The Growing Indignities of Unemployment

The nine-month contract paid below market rate, but I went for it, under the theory that having some income coming in over time was better than scrambling for work. (I even turned down another shorter gig to make the nine-month contract happen.) Nine months would offer enough time for the pandemic to be theoretically at an end, with both regular life and the economy returning with a giddy vengeance. I offered five references instead of the usual three just to seal the deal. Got the job. Or thought I did. I signed the onboarding papers. I submitted my personal information. I received repeat assurances that the job was on. I looked forward to busting my hump as a content writer.

Then, after heading all the way to Astoria to resolve one part of the background check and just over a week before I was set to start, I got a phone call. In less than twenty-four hours, the agency had moved from texting “What’s the address to send the equipment to?” to a telephone call in which I was told, “The client has decided against hiring people for the position.” As much of a cruel last-minute act of disrespect as this was, I somehow wasn’t upset. Maybe I’ve become dead inside. Maybe it’s adjusting to the brusque reality of living during the apocalypse. Maybe it was an unanticipated side effect from getting the first Pfizer shot the day before.

I do wonder what the point of looking for work is. Because I’ve never had problems like this before in my life. Never. I’m not lazy. I’m a go-getter. And I’ve never been fired from a job. I even landed work during the Great Recession.

Yet I still look for work. Every weekday morning like clockwork. This is easily the most demoralizing job hunt of my life.

In the past year, I’ve applied to more than 700 jobs and can’t seem to catch a break. It doesn’t matter how targeted my cover letter is. There are just too many applicants for every job. You rarely hear back from hiring managers. And even if you go around a hiring manager and talk to people who work directly in the department and get them excited about the possibility of you being a co-worker (as I have done several times), it really comes down to the whims of hiring managers, who seem to thrive on the petty despotism of being a small-time tyrant squeezing wages and breaking the down-and-out when not subjecting candidates to callous indignities. Honestly, I’ve known bill collectors and criminal prosecutors who possessed better manners. Even the automated Phil from ZipRecruiter is far more respectful.

Since I started my quest for work, I have been the victim of an elaborate identity theft scam. I was proud to work at a vaccination center for a week. I enjoyed cheering up numerous nervous people who were getting their first shot in the arm. And, as such, the twelve-hour shifts flew by fast. But then the agency that hired me started playing games. They would text me a shift and, just as I was replying to the text message (a mere three minutes later), they would pull it. There was the audio production company that said that it would send me a job offer after I aced a lengthy Zoom interview. And then the company ghosted me. I came very close to getting an audio producer job at another place. Took the editing tests and everything. But they went with the other candidate. Now I’ve had this nine-month contract dangled in front of me and pulled away. Much in the manner of a sociopath torturing an ant with a searing magnifying glass.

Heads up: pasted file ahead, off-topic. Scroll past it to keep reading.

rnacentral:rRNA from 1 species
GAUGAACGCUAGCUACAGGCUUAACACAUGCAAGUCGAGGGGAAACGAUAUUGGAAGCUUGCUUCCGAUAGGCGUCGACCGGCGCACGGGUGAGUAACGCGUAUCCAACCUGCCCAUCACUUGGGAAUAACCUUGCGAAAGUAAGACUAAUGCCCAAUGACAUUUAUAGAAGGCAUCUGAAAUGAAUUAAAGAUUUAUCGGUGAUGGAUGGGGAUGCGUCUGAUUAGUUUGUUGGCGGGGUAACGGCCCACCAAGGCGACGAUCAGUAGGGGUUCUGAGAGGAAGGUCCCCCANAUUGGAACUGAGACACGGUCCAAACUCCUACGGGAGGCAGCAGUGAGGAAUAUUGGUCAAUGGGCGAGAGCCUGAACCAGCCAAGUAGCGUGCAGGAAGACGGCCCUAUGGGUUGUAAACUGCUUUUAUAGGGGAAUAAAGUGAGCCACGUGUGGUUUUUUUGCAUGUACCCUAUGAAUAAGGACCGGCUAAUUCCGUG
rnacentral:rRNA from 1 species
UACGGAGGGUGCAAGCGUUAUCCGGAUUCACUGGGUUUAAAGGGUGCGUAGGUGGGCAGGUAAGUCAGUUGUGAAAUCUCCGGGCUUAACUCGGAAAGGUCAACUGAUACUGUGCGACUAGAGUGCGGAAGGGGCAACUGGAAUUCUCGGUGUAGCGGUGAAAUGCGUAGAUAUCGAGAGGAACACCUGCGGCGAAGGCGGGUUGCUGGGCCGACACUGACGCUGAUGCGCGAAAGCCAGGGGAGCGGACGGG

No matter how justifiably confident you are of your professional abilities (and I have more than twenty years of experience to back it up), this all does a number on you. Especially now, as life as we once knew it is locked in amber. I’ve had nights where I’ve cried and imbibed too much scotch. And this too is embarrassing. Because others out there are much worse off than me. I’ve been nimble enough with my finances to pay my rent on time and remain debt-free. The fine freelancing art of cutting costs and living like a grad student. But who knows how long that will last?

When I started venting about my job-hunting woes on TikTok, an unremarkable person in Maine lathered up her peers and led a cyber-bullying campaign against me. An easy target for a garden-variety sociopath who, lacking any real life, lashes out at others with unbridled selfishness. So I know for a fact that anything I have to say here really doesn’t matter. But I’m one of 10.1 million Americans who feel this way. One of many Americans with a hard thumb on his mental health and his emotional wellbeing. But sometimes your grip slips and you reach for the bottle and you can’t leave your bed or call your friends. You certainly can’t tell anybody about the pain you’re fending off or the hell you’re going through. It’s a bit like the bleak joke in Richard Aldington’s Death of a Hero, in which there was no sympathy for returning soldiers. You have shell shock? Who cares? Everyone does.